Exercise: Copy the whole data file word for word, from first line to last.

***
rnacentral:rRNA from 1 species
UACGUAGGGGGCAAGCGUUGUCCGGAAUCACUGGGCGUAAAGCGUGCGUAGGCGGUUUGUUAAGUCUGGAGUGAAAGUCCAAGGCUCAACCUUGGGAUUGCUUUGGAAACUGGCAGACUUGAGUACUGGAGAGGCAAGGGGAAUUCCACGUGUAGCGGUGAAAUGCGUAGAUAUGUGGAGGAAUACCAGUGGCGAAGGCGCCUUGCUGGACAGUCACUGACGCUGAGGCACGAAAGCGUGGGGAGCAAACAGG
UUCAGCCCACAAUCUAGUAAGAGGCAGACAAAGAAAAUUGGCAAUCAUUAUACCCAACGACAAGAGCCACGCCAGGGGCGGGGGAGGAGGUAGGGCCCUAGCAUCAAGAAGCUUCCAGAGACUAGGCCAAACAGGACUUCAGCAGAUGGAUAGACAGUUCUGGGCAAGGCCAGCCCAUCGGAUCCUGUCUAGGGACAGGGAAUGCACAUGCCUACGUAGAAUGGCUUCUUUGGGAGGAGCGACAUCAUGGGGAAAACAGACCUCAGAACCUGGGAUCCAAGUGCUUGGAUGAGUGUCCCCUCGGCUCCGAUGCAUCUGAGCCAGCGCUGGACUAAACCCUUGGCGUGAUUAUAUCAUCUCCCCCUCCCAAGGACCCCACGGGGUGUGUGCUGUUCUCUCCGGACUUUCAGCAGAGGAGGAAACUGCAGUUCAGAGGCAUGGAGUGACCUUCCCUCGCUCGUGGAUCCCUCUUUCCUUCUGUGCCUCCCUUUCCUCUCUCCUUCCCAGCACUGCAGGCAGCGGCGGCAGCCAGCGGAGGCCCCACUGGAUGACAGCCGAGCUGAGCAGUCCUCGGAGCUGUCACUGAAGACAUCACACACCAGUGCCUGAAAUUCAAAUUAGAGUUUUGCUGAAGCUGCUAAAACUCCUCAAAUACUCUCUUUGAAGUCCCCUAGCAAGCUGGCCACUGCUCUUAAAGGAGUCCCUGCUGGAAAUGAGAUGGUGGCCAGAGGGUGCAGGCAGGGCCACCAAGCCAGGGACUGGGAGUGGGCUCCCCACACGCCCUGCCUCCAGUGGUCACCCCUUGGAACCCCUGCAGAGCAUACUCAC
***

rnacentral:rRNA from 1 species
UACGUAGGGGGCAAGCGUUGUCCGGAAUCACUGGGCGUAAAGCGUGCGUAGGCGGUUUGUUAAGUCUGGAGUGAAAGUCCAAGGCUCAACCUUGGGAUUGCUUUGGAAACUGGCAGACUUGAGUACUGGAGAGGCAAGGGGAAUUCCACGUGUAGCGGUGAAAUGCGUAGAUAUGUGGAGGAAUACCAGUGGCGAAGGCGCCUUGCUGGACAGUCACUGACGCUGAGGCACGAAAGCGUGGGGAGCAAACAGG
UUCAGCCCACAAUCUAGUAAGAGGCAGACAAAGAAAAUUGGCAAUCAUUAUACCCAACGACAAGAGCCACGCCAGGGGCGGGGGAGGAGGUAGGGCCCUAGCAUCAAGAAGCUUCCAGAGACUAGGCCAAACAGGACUUCAGCAGAUGGAUAGACAGUUCUGGGCAAGGCCAGCCCAUCGGAUCCUGUCUAGGGACAGGGAAUGCACAUGCCUACGUAGAAUGGCUUCUUUGGGAGGAGCGACAUCAUGGGGAAAACAGACCUCAGAACCUGGGAUCCAAGUGCUUGGAUGAGUGUCCCCUCGGCUCCGAUGCAUCUGAGCCAGCGCUGGACUAAACCCUUGGCGUGAUUAUAUCAUCUCCCCCUCCCAAGGACCCCACGGGGUGUGUGCUGUUCUCUCCGGACUUUCAGCAGAGGAGGAAACUGCAGUUCAGAGGCAUGGAGUGACCUUCCCUCGCUCGUGGAUCCCUCUUUCCUUCUGUGCCUCCCUUUCCUCUCUCCUUCCCAGCACUGCAGGCAGCGGCGGCAGCCAGCGGAGGCCCCACUGGAUGACAGCCGAGCUGAGCAGUCCUCGGAGCUGUCACUGAAGACAUCACACACCAGUGCCUGAAAUUCAAAUUAGAGUUUUGCUGAAGCUGCUAAAACUCCUCAAAUACUCUCUUUGAAGUCCCCUAGCAAGCUGGCCACUGCUCUUAAAGGAGUCCCUGCUGGAAAUGAGAUGGUGGCCAGAGGGUGCAGGCAGGGCCACCAAGCCAGGGACUGGGAGUGGGCUCCCCACACGCCCUGCCUCCAGUGGUCACCCCUUGGAACCCCUGCAGAGCAUACUCAC